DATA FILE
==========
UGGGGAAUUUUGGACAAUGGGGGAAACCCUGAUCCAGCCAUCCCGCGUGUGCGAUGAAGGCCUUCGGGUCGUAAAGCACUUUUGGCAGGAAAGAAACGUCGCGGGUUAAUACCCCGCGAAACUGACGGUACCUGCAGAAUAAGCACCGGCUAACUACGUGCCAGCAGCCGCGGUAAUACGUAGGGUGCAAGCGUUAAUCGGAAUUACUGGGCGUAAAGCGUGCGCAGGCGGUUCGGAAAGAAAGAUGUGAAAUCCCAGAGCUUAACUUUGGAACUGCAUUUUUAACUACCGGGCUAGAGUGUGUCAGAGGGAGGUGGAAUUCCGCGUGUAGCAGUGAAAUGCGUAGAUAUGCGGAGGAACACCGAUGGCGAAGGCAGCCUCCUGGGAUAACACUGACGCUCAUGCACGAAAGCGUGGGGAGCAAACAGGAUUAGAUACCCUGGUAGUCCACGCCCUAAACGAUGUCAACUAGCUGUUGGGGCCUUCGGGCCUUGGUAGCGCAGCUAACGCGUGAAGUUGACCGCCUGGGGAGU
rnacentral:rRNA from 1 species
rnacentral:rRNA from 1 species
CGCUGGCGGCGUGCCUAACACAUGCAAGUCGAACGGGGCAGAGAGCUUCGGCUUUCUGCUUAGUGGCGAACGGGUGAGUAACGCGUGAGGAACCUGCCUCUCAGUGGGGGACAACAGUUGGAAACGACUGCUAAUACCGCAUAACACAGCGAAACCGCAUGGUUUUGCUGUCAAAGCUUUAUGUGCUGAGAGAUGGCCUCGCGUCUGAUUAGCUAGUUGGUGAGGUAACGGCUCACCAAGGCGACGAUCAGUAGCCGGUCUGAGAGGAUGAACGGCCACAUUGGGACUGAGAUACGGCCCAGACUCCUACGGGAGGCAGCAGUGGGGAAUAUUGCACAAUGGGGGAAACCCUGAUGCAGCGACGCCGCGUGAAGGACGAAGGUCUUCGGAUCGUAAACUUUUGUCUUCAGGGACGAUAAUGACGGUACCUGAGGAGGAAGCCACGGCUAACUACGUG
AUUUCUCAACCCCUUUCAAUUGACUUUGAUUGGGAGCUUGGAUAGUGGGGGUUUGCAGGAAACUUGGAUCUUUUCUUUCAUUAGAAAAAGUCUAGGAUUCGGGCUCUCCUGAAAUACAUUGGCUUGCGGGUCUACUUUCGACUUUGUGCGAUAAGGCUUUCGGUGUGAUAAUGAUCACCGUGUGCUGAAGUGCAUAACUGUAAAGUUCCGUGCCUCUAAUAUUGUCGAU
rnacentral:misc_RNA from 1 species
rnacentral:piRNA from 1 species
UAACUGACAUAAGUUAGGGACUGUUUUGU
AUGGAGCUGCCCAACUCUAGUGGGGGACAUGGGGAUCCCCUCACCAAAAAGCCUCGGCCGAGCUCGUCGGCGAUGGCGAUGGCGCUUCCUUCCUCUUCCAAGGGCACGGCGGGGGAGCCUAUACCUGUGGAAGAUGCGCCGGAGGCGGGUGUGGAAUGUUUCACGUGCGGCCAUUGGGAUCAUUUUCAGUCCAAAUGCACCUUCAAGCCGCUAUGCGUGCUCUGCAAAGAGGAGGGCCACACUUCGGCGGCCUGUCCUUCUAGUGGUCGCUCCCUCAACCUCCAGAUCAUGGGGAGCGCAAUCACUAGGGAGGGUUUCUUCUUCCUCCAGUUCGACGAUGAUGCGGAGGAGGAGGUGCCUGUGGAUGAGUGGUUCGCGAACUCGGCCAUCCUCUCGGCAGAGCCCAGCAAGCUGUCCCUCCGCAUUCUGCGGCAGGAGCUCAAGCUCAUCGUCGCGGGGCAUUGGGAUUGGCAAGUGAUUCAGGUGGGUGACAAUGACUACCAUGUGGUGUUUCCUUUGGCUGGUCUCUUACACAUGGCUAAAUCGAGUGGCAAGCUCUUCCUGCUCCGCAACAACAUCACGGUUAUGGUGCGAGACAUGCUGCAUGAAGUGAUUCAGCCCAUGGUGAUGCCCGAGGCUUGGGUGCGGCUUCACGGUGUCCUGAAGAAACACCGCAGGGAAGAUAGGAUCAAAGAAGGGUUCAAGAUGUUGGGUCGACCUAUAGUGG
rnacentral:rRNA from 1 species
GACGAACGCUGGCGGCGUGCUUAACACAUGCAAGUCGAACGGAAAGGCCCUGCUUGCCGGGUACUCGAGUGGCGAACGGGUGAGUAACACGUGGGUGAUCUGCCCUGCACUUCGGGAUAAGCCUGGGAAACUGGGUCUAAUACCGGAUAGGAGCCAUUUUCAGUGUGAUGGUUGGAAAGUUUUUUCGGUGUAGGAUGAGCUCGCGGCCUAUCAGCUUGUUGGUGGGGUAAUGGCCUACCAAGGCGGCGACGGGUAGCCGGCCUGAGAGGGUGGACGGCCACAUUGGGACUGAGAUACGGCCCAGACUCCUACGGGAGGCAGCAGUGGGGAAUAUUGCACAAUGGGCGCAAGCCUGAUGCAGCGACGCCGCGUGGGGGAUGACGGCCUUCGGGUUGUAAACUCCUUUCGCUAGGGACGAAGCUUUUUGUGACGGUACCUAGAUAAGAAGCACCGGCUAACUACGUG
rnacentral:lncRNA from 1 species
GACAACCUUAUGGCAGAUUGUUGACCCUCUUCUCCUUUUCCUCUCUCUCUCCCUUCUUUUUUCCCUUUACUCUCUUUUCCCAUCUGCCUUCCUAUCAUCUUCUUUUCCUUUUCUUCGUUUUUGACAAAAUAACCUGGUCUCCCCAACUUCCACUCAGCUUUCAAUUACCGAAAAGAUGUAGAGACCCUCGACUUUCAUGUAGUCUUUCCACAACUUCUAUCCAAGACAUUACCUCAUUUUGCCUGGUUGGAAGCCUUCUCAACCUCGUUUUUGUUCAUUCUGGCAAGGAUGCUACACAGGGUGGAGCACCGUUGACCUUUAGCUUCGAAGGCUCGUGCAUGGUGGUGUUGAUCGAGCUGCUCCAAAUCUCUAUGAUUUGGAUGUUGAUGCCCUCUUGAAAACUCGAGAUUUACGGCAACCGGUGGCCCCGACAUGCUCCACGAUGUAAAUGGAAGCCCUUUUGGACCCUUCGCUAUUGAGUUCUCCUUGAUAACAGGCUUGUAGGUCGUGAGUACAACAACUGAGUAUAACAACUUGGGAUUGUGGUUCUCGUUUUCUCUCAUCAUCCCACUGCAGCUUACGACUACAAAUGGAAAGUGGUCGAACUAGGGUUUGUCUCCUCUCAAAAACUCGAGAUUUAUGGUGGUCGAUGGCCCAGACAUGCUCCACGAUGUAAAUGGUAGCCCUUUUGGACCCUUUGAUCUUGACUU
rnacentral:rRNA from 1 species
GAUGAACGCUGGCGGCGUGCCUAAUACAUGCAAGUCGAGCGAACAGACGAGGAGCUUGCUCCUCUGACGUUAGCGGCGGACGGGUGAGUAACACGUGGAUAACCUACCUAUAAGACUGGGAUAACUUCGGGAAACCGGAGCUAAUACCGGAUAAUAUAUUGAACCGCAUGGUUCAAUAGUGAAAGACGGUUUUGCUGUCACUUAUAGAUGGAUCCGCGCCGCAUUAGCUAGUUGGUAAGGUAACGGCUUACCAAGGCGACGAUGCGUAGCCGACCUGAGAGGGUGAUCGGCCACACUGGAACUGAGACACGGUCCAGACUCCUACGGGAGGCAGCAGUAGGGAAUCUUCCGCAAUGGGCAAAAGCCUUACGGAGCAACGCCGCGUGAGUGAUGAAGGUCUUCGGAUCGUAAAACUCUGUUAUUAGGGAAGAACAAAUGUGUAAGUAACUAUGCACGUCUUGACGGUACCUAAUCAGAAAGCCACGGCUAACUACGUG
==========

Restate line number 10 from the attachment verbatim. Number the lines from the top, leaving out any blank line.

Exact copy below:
rnacentral:rRNA from 1 species